Western Slope companies launch their ideas in Steamboat-style ‘Shark Tank’ event
STEAMBOAT SPRINGS — On Thursday, four companies with very different products shared the stage at the Chief Theater with the same objective during a Steamboat Springs version of “Shark Tank.”
“We are trying to connect entrepreneurs and investors on the Western Slope. We wanted to bring awareness to the community that these startups are out there and let the startups know what resources there are,” said Amanda Montgomery who works for Four Points Funding. “We don’t want people to think they need to move to Boulder and Denver to create a company.
“The main goal is to get investments for the companies, but it is also just to get the word out. Previous companies have made connections such as real estate advisors and business mentors that are just as, if not more valuable,” said Montgomery.
Four Points Funding hosts the program that introduces investors to entrepreneurs looking for funding and other support. This is the fourth Steamboat Launch, which takes place in February and August. Past companies that have taken part include Click Medical and hearOclub.
This year, four companies from across Western Colorado took the stage in the program which is also supported by Yampa Valley Entrepreneurship Center at Colorado Mountain College Steamboat Springs, Startup Colorado and the Steamboat Springs Economic Development Council.
This time around, the group included OP Makeup, out of Aspen, that has introduced a luxury makeup line for professionals; Durango’s Impact Fenders, a company that is manufacturing and marketing boat fenders and dock bumpers to give maximum protections for today’s high-tech boats; Grand Junction’s Proximity Space, which simplifies the management of coworking spaces so the owners can better focus their time on cultivating a community that makes those spaces successful; and Hemp Foundry which has an existing facility in Steamboat.
Hemp Foundry hopes to capitalize on the growing hemp industry and build another industrial lab in Illinois. To do that, company president Jay Fisher made his pitch to investors Thursday.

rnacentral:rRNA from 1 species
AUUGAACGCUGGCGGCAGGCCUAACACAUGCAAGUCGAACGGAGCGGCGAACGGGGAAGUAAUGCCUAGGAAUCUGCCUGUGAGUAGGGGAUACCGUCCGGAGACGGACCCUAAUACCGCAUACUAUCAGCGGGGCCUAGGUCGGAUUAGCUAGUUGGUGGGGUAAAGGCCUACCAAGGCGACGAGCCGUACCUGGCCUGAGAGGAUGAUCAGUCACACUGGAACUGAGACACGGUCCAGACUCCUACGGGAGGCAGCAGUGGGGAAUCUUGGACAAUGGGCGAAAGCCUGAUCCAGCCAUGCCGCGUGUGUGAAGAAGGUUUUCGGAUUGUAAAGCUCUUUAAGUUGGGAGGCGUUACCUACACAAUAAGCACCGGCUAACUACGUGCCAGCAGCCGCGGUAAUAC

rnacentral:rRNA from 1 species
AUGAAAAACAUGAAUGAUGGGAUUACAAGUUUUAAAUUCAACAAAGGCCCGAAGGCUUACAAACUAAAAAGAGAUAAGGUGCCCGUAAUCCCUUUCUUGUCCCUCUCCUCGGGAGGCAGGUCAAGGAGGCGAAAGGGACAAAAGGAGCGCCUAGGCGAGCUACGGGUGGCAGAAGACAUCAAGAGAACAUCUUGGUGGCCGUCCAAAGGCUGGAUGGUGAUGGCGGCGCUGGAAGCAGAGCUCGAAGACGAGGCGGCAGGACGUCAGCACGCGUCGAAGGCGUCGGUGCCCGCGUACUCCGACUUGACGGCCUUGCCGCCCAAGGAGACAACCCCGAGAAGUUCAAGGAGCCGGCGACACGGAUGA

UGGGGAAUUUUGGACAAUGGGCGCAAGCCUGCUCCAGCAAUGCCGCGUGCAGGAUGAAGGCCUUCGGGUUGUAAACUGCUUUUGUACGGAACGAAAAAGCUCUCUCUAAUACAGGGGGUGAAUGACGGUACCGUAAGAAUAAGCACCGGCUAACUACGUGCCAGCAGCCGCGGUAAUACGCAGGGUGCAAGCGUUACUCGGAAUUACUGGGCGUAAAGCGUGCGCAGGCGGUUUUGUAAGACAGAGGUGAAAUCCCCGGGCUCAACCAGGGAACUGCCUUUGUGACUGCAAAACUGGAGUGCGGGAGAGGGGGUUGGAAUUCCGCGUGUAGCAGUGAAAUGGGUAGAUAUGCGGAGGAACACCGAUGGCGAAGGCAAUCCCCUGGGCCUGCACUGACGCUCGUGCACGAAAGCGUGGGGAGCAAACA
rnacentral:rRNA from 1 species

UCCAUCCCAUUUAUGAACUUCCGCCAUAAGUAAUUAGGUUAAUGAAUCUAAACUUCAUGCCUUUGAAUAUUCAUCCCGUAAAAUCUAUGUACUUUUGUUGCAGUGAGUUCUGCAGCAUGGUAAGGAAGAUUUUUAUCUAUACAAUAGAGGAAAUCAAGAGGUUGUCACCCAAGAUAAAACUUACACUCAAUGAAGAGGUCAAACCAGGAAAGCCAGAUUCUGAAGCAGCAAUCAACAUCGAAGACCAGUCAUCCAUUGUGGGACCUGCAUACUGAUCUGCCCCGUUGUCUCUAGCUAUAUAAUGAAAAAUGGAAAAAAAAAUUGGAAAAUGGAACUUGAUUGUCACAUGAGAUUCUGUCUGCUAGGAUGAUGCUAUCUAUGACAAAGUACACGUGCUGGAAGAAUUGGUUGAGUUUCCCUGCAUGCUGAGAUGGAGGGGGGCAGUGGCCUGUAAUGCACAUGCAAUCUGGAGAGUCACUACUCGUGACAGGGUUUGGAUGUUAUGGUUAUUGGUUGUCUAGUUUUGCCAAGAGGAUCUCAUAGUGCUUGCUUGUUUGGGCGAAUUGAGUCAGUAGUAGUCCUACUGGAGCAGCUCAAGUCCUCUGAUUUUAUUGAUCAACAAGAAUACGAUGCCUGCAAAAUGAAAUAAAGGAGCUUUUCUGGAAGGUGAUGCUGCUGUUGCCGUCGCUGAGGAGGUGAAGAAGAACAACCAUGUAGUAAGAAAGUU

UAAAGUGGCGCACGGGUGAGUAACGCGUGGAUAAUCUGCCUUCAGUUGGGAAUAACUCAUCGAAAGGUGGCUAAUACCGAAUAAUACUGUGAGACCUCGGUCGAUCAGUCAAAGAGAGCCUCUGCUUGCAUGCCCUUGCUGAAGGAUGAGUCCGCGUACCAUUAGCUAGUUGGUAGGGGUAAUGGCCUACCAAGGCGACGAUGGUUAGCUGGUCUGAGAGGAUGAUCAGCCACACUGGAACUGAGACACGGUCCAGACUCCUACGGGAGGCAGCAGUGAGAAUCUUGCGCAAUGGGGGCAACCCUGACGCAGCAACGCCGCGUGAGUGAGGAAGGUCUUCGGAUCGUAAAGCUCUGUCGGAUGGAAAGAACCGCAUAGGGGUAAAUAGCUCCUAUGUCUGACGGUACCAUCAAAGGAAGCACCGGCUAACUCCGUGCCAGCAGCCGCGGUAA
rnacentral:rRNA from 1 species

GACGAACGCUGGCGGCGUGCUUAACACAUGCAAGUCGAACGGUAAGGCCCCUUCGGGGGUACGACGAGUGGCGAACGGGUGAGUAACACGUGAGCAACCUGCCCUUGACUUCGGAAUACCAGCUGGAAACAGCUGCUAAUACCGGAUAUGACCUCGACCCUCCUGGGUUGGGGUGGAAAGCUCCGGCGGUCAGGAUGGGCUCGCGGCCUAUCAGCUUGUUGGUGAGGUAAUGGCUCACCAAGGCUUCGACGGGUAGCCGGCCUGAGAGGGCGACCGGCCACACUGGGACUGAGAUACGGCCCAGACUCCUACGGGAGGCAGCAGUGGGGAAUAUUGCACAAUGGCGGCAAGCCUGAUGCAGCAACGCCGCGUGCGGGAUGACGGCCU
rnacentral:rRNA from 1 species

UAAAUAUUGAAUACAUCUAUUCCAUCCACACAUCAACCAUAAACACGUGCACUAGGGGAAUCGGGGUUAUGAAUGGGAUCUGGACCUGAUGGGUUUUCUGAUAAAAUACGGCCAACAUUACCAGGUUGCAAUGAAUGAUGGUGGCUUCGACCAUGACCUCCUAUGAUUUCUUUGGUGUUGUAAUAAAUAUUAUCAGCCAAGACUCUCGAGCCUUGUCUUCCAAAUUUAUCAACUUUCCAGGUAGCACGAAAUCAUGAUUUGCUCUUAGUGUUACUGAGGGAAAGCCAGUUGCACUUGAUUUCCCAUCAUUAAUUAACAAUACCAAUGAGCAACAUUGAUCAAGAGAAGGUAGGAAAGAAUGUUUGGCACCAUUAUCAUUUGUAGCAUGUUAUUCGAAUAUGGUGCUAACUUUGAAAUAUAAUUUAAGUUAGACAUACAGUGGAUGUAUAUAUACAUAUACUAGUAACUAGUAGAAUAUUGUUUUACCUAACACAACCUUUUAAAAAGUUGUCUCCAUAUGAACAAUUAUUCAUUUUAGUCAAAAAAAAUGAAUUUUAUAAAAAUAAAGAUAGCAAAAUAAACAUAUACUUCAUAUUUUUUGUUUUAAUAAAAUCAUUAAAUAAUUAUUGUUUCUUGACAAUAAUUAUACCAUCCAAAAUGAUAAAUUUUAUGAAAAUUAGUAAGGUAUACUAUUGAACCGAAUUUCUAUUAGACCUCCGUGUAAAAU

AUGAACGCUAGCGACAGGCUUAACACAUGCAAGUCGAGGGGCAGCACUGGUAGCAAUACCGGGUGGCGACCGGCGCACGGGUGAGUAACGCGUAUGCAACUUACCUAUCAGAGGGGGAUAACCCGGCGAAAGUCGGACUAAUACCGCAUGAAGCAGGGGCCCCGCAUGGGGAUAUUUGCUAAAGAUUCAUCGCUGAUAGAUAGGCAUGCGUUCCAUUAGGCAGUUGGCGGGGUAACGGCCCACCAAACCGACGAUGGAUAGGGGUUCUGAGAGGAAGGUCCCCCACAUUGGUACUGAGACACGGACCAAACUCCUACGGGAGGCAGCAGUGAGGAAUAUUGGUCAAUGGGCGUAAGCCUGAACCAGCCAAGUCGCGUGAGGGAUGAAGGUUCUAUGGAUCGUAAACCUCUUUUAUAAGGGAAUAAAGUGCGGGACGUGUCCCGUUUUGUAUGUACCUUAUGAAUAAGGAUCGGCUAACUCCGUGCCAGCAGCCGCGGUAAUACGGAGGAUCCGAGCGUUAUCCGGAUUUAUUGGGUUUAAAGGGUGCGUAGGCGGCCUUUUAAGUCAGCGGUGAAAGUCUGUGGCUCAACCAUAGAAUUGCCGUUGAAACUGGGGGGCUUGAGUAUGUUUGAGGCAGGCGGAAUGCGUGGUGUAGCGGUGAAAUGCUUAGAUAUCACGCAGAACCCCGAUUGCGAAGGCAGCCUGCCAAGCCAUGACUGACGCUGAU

“We are excited to build our second industrial scale extraction lab,” said Fisher. “Industrial hemp has many uses ranging from textiles to hempcrete to, most importantly, CBD. … The many benefits of CBD include reduced inflammation, and it helps with pain and anxiety.”
The recently passed 2018 Farm Bill allows hemp cultivation broadly. Hemp is no longer limited to pilot programs for studying market interest in hemp-derived products. It also allows the transfer of hemp-derived products across state lines for commercial or other purposes. It puts no restrictions on the sale, transport or possession of hemp-derived products as long as those items are produced within the guidelines of the law.
“We see a worldwide demand for these CBD products,” Fisher said. “In the market, we use CBD products in vape pens, consumables and topical, just to name a few. It’s an extremely exciting time with the Farm Bill passing into law changing CBD from a Schedule 1 to a Schedule 6 allowing for interstate commerce and giving our U.S. farmers crop insurance.”
Fisher said the industrial hemp business is expected to grow to $22 billion by 2020.
“We see this as a huge opportunity,” Fisher said. “Hemp cultivation will exponentially rise, but the amount of qualified licensed extractors will not be able to meet this demand.”
The Hemp Foundry is currently running a licensed manufacturing and extraction facility in Steamboat for processing in the U.S. that is producing 100 kilograms of CBD isolate on a monthly bases. A kilogram of CBD isolate goes for $6,000. The company is using multiple licensed testing facilities in Colorado to make sure its material are 100 percent CBD.
The company is supplying several local CBD companies that offer vape cartridges, capsules, chocolate bars and tinctures. Eventually, the company wants to build a full Hemp Foundry CBD product line they will offer to companies like Walmart, Costco and CVS.
This spring, to meet the growing demand, the Hemp Foundry will start using it’s Illinois facility to produce more than 100 kilograms of CBD isolate on a daily basis. From there, Fisher said the company will try to capitalize on the growing international market.
The company seeks investors to keep the company on the forefront of the industry with growth and new technology.
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